Download
HTML Embed
HTML EMBED
Click to Copy
Marketplace

Holiday hiring hustle and bustle

Nov 15, 2019

Latest Episodes

Download
HTML Embed
HTML EMBED
Click to Copy
Marketplace Morning Report
Download
HTML Embed
HTML EMBED
Click to Copy
Download
HTML Embed
HTML EMBED
Click to Copy
Marketplace Morning Report
Download
HTML Embed
HTML EMBED
Click to Copy
Download
HTML Embed
HTML EMBED
Click to Copy
Download
HTML Embed
HTML EMBED
Click to Copy
Download
HTML Embed
HTML EMBED
Click to Copy
Marketplace Morning Report
Download
HTML Embed
HTML EMBED
Click to Copy
Marketplace Morning Report
Download
HTML Embed
HTML EMBED
Click to Copy
Marketplace Morning Report
Download
HTML Embed
HTML EMBED
Click to Copy

How driverless cars could injure insurers

Sally Herships Jul 31, 2014
Share Now on:

Pretty much everything bad that happens behind the wheel today is our fault.

“Today, 95 percent of accidents are actually driver error,” says Robert Hartwig,  president and economist at the Insurance Information Institute, an industry association.

When cars drive themselves, he says, people hope to see a lot fewer accidents.

“The data seems to support that these cars will be better drivers than most people, because they don’t get distracted, they don’t turn around and talk to their kids, they don’t play with their cellphone,” says Chris Shultz, deputy commissioner of community programs and policy initiatives at the California Department of Insurance.

And while you might think this would mean cheaper insurance policies, Schultz says the future of auto insurance has actuaries getting anxious.

“We might see decreased frequency of collisions, but increased severity,” he says.

While policy holders might pay less, because your car is involved in fewer accidents, you might pay more because the cost of high tech repairs is higher.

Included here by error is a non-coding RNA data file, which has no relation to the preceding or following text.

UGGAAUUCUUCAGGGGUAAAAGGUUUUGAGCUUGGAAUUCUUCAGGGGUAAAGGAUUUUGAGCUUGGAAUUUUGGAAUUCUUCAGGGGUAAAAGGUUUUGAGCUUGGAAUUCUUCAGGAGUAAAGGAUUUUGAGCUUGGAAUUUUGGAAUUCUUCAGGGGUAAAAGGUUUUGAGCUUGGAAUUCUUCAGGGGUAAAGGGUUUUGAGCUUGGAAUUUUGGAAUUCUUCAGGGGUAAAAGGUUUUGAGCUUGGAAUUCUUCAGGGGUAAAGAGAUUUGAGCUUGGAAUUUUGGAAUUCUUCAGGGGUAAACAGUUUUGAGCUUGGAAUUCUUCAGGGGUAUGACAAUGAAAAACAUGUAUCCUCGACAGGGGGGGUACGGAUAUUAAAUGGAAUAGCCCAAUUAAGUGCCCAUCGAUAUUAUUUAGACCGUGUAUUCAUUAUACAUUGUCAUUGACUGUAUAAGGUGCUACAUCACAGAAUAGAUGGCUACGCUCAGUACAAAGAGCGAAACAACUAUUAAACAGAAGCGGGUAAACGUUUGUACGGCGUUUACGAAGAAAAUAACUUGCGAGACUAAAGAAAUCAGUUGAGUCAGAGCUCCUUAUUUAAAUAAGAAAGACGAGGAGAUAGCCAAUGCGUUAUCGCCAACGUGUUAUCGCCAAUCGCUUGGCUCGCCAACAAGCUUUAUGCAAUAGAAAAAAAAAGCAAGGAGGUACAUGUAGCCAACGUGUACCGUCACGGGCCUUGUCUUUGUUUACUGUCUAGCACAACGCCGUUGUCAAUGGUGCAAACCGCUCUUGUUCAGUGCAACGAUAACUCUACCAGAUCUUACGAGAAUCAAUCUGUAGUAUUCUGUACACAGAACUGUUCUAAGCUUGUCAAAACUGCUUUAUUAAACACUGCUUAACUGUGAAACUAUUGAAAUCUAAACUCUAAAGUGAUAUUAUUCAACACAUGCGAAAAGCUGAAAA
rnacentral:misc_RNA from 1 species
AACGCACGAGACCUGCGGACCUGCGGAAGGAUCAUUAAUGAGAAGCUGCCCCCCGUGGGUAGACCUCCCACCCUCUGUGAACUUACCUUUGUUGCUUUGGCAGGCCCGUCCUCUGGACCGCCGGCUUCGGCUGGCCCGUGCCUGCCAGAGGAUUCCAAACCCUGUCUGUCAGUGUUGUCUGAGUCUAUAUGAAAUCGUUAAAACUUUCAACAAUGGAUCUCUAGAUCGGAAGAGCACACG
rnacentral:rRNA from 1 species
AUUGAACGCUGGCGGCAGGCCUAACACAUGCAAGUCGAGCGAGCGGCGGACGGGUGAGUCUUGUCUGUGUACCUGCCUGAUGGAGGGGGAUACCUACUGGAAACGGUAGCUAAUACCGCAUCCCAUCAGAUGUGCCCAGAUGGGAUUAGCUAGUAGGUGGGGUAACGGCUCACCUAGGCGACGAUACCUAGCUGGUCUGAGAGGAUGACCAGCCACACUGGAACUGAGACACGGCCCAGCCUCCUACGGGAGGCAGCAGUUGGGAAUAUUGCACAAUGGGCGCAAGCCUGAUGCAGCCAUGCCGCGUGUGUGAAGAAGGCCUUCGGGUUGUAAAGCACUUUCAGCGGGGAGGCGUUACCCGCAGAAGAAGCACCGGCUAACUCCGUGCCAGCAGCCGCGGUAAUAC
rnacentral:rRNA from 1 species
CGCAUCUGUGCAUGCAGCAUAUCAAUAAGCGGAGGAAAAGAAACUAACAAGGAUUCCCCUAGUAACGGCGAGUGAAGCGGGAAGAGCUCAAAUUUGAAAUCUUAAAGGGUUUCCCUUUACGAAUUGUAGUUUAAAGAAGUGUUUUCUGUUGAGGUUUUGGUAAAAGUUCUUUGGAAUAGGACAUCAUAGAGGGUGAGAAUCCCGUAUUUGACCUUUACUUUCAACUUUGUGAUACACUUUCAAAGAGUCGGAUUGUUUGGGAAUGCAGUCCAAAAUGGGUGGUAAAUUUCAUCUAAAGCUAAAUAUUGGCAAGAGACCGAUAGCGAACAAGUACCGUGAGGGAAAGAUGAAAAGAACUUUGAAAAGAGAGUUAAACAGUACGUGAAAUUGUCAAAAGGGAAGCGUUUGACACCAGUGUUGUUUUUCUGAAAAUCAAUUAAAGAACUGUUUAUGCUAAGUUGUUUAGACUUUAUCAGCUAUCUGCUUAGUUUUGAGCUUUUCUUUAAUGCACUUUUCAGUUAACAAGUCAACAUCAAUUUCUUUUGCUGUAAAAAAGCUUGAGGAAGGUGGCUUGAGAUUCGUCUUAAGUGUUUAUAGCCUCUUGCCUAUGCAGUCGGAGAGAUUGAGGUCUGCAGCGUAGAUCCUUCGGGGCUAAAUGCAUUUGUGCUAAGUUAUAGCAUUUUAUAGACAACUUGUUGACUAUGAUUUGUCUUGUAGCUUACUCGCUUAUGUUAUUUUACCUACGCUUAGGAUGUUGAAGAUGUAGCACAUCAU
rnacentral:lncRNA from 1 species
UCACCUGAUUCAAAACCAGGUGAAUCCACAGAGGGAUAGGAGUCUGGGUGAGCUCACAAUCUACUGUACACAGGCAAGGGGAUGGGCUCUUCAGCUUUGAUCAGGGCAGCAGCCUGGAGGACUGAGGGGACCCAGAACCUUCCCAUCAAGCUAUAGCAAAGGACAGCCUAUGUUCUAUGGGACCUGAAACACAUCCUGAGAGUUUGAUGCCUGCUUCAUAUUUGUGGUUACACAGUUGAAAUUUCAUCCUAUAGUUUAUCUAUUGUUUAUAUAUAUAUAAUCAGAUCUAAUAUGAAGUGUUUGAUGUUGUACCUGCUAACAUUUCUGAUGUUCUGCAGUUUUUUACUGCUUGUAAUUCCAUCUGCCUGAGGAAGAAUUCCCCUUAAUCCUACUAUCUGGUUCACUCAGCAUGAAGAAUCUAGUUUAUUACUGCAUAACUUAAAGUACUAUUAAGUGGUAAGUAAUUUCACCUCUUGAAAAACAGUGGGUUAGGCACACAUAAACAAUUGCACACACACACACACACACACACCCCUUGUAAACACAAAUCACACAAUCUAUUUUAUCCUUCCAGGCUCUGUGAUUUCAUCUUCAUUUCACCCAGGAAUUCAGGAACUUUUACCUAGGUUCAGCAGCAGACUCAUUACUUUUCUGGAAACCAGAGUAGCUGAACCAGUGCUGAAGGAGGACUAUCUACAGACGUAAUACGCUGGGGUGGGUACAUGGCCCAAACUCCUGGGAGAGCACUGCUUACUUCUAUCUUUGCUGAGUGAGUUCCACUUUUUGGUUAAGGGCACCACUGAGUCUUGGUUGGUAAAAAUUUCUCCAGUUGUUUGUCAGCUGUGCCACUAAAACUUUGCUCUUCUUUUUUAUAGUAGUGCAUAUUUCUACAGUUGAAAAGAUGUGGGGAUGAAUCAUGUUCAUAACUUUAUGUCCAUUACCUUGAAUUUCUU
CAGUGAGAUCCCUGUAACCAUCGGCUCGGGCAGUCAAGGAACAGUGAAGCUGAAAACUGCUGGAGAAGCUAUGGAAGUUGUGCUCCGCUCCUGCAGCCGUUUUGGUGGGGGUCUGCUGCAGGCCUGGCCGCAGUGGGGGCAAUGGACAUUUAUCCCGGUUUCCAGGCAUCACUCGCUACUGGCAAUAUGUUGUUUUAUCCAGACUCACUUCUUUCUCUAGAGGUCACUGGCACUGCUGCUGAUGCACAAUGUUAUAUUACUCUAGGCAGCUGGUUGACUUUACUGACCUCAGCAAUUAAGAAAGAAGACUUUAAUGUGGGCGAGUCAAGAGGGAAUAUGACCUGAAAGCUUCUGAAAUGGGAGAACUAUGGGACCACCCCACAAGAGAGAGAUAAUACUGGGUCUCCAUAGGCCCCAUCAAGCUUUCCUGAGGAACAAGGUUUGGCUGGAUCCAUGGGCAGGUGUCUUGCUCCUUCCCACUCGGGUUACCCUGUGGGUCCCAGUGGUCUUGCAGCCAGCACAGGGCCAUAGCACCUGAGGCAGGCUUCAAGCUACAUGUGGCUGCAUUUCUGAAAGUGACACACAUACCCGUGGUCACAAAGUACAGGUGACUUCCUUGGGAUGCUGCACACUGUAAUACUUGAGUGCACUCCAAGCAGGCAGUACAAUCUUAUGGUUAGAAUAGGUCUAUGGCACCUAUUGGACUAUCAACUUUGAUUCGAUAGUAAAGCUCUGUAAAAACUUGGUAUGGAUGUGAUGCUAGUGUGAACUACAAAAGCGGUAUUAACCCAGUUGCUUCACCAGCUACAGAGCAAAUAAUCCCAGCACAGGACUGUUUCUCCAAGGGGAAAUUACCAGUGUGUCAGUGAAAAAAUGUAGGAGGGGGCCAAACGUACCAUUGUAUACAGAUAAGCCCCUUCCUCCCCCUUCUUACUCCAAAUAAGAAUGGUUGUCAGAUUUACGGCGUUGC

Then, there’s the liability question.

“What happens if I put my five-year-old in the back and press the button and say ‘drive my five-year-old to kindergarten’? I don’t think any policy makers know what to do with that yet,” says Schultz.

“The question really turns into ‘who is in control of the driverless car?’” says Frank Douma, a research fellow and associate director of the State and Local Policy Program at the Univeristy of Minnesota’s Humphrey School of Public Affairs and a research scholar at its Center for Transportation Studies.

The answer, says Douma, could mean analyzing data from the car after an accident – looking at its black box.

But while the knowledge may prove a relief to no one but insurers, self driving cars still have classic problems, in which liability is clear.  So although we can expect to see a significant number of autonomous cars on the road by 2020, Robert Hartwig says, don’t plan to cancel your insurance policy.

“Cars could still be stolen, trees could still fall on your car.”

Fall of the Berlin Wall
Fall of the Berlin Wall
The financial lessons of Germany's reunification 30 years ago.  
Check Your Balance ™️
Check Your Balance ™️
Personal finance from Marketplace. Where the economy, your personal life and money meet.
How We Survive
How We Survive
Climate change is here. Experts say we need to adapt. This series explores the role of technology in helping humanity weather the changes ahead.